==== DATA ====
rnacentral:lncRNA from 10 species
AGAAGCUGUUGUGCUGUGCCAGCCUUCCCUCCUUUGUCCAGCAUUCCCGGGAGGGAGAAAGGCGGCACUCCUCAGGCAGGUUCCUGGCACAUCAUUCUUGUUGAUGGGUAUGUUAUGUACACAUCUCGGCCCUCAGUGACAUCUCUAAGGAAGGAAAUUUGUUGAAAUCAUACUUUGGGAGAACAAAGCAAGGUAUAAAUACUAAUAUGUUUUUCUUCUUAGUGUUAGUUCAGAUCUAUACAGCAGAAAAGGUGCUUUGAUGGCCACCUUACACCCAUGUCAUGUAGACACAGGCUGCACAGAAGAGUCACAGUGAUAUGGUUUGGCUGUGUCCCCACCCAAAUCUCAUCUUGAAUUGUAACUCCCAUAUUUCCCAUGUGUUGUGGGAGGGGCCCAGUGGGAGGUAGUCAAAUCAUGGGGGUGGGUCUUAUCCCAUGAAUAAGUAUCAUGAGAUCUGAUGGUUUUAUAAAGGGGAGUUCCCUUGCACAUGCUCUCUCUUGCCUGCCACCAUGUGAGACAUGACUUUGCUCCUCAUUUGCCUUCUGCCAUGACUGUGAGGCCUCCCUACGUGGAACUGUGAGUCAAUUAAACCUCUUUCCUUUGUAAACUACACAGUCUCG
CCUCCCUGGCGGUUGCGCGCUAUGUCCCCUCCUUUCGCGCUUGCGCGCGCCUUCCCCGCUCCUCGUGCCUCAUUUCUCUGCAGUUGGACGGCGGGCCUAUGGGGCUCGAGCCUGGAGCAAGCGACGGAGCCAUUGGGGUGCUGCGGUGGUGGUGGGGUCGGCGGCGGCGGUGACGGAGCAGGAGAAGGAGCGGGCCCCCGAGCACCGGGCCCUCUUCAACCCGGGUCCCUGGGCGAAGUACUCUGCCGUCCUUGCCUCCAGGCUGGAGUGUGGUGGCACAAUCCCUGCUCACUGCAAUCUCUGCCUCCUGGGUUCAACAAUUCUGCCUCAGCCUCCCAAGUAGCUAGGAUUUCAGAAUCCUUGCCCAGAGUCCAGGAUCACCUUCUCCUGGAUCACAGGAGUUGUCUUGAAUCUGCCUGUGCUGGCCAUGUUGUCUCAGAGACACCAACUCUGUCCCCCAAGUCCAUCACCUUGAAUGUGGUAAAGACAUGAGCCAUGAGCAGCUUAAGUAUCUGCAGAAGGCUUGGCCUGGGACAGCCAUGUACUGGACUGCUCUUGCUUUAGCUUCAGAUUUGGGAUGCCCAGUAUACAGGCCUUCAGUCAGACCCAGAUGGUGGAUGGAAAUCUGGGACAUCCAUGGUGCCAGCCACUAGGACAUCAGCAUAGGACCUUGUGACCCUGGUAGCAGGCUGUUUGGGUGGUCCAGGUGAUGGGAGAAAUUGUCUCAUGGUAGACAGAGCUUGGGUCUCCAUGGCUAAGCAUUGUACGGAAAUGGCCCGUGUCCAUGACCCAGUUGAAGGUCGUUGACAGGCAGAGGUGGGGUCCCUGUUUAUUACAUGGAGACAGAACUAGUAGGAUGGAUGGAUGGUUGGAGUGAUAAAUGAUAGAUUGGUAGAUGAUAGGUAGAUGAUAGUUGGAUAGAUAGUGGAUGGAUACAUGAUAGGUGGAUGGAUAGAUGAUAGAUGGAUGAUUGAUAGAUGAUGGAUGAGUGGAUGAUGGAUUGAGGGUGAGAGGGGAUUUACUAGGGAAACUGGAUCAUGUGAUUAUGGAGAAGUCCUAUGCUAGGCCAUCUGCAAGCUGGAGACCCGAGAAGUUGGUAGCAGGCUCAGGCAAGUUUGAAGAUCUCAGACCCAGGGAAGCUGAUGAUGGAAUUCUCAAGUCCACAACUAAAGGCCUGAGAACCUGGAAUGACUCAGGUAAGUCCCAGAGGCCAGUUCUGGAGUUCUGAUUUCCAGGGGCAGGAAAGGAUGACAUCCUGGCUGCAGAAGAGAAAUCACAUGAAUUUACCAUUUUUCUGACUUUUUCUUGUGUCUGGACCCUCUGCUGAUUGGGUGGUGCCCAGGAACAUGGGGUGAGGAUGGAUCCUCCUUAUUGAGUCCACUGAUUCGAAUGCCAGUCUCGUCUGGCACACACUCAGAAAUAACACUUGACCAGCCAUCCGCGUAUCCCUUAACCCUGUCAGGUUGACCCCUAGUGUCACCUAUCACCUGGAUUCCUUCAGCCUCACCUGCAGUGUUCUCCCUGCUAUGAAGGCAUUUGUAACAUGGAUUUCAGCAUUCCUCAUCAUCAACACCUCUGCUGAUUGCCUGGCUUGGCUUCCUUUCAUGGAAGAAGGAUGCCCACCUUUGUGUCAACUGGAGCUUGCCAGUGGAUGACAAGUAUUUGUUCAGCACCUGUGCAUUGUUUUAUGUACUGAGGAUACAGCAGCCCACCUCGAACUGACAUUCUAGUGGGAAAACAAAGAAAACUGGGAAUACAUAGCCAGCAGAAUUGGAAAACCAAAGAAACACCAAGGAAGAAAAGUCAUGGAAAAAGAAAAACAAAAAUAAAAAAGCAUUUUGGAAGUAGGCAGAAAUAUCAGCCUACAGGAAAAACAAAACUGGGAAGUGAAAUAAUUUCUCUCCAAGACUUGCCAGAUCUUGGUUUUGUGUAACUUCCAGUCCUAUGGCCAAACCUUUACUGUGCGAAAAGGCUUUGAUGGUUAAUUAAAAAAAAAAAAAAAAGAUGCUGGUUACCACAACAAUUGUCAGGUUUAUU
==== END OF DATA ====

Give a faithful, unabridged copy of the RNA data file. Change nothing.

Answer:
rnacentral:lncRNA from 10 species
AGAAGCUGUUGUGCUGUGCCAGCCUUCCCUCCUUUGUCCAGCAUUCCCGGGAGGGAGAAAGGCGGCACUCCUCAGGCAGGUUCCUGGCACAUCAUUCUUGUUGAUGGGUAUGUUAUGUACACAUCUCGGCCCUCAGUGACAUCUCUAAGGAAGGAAAUUUGUUGAAAUCAUACUUUGGGAGAACAAAGCAAGGUAUAAAUACUAAUAUGUUUUUCUUCUUAGUGUUAGUUCAGAUCUAUACAGCAGAAAAGGUGCUUUGAUGGCCACCUUACACCCAUGUCAUGUAGACACAGGCUGCACAGAAGAGUCACAGUGAUAUGGUUUGGCUGUGUCCCCACCCAAAUCUCAUCUUGAAUUGUAACUCCCAUAUUUCCCAUGUGUUGUGGGAGGGGCCCAGUGGGAGGUAGUCAAAUCAUGGGGGUGGGUCUUAUCCCAUGAAUAAGUAUCAUGAGAUCUGAUGGUUUUAUAAAGGGGAGUUCCCUUGCACAUGCUCUCUCUUGCCUGCCACCAUGUGAGACAUGACUUUGCUCCUCAUUUGCCUUCUGCCAUGACUGUGAGGCCUCCCUACGUGGAACUGUGAGUCAAUUAAACCUCUUUCCUUUGUAAACUACACAGUCUCG
CCUCCCUGGCGGUUGCGCGCUAUGUCCCCUCCUUUCGCGCUUGCGCGCGCCUUCCCCGCUCCUCGUGCCUCAUUUCUCUGCAGUUGGACGGCGGGCCUAUGGGGCUCGAGCCUGGAGCAAGCGACGGAGCCAUUGGGGUGCUGCGGUGGUGGUGGGGUCGGCGGCGGCGGUGACGGAGCAGGAGAAGGAGCGGGCCCCCGAGCACCGGGCCCUCUUCAACCCGGGUCCCUGGGCGAAGUACUCUGCCGUCCUUGCCUCCAGGCUGGAGUGUGGUGGCACAAUCCCUGCUCACUGCAAUCUCUGCCUCCUGGGUUCAACAAUUCUGCCUCAGCCUCCCAAGUAGCUAGGAUUUCAGAAUCCUUGCCCAGAGUCCAGGAUCACCUUCUCCUGGAUCACAGGAGUUGUCUUGAAUCUGCCUGUGCUGGCCAUGUUGUCUCAGAGACACCAACUCUGUCCCCCAAGUCCAUCACCUUGAAUGUGGUAAAGACAUGAGCCAUGAGCAGCUUAAGUAUCUGCAGAAGGCUUGGCCUGGGACAGCCAUGUACUGGACUGCUCUUGCUUUAGCUUCAGAUUUGGGAUGCCCAGUAUACAGGCCUUCAGUCAGACCCAGAUGGUGGAUGGAAAUCUGGGACAUCCAUGGUGCCAGCCACUAGGACAUCAGCAUAGGACCUUGUGACCCUGGUAGCAGGCUGUUUGGGUGGUCCAGGUGAUGGGAGAAAUUGUCUCAUGGUAGACAGAGCUUGGGUCUCCAUGGCUAAGCAUUGUACGGAAAUGGCCCGUGUCCAUGACCCAGUUGAAGGUCGUUGACAGGCAGAGGUGGGGUCCCUGUUUAUUACAUGGAGACAGAACUAGUAGGAUGGAUGGAUGGUUGGAGUGAUAAAUGAUAGAUUGGUAGAUGAUAGGUAGAUGAUAGUUGGAUAGAUAGUGGAUGGAUACAUGAUAGGUGGAUGGAUAGAUGAUAGAUGGAUGAUUGAUAGAUGAUGGAUGAGUGGAUGAUGGAUUGAGGGUGAGAGGGGAUUUACUAGGGAAACUGGAUCAUGUGAUUAUGGAGAAGUCCUAUGCUAGGCCAUCUGCAAGCUGGAGACCCGAGAAGUUGGUAGCAGGCUCAGGCAAGUUUGAAGAUCUCAGACCCAGGGAAGCUGAUGAUGGAAUUCUCAAGUCCACAACUAAAGGCCUGAGAACCUGGAAUGACUCAGGUAAGUCCCAGAGGCCAGUUCUGGAGUUCUGAUUUCCAGGGGCAGGAAAGGAUGACAUCCUGGCUGCAGAAGAGAAAUCACAUGAAUUUACCAUUUUUCUGACUUUUUCUUGUGUCUGGACCCUCUGCUGAUUGGGUGGUGCCCAGGAACAUGGGGUGAGGAUGGAUCCUCCUUAUUGAGUCCACUGAUUCGAAUGCCAGUCUCGUCUGGCACACACUCAGAAAUAACACUUGACCAGCCAUCCGCGUAUCCCUUAACCCUGUCAGGUUGACCCCUAGUGUCACCUAUCACCUGGAUUCCUUCAGCCUCACCUGCAGUGUUCUCCCUGCUAUGAAGGCAUUUGUAACAUGGAUUUCAGCAUUCCUCAUCAUCAACACCUCUGCUGAUUGCCUGGCUUGGCUUCCUUUCAUGGAAGAAGGAUGCCCACCUUUGUGUCAACUGGAGCUUGCCAGUGGAUGACAAGUAUUUGUUCAGCACCUGUGCAUUGUUUUAUGUACUGAGGAUACAGCAGCCCACCUCGAACUGACAUUCUAGUGGGAAAACAAAGAAAACUGGGAAUACAUAGCCAGCAGAAUUGGAAAACCAAAGAAACACCAAGGAAGAAAAGUCAUGGAAAAAGAAAAACAAAAAUAAAAAAGCAUUUUGGAAGUAGGCAGAAAUAUCAGCCUACAGGAAAAACAAAACUGGGAAGUGAAAUAAUUUCUCUCCAAGACUUGCCAGAUCUUGGUUUUGUGUAACUUCCAGUCCUAUGGCCAAACCUUUACUGUGCGAAAAGGCUUUGAUGGUUAAUUAAAAAAAAAAAAAAAAGAUGCUGGUUACCACAACAAUUGUCAGGUUUAUU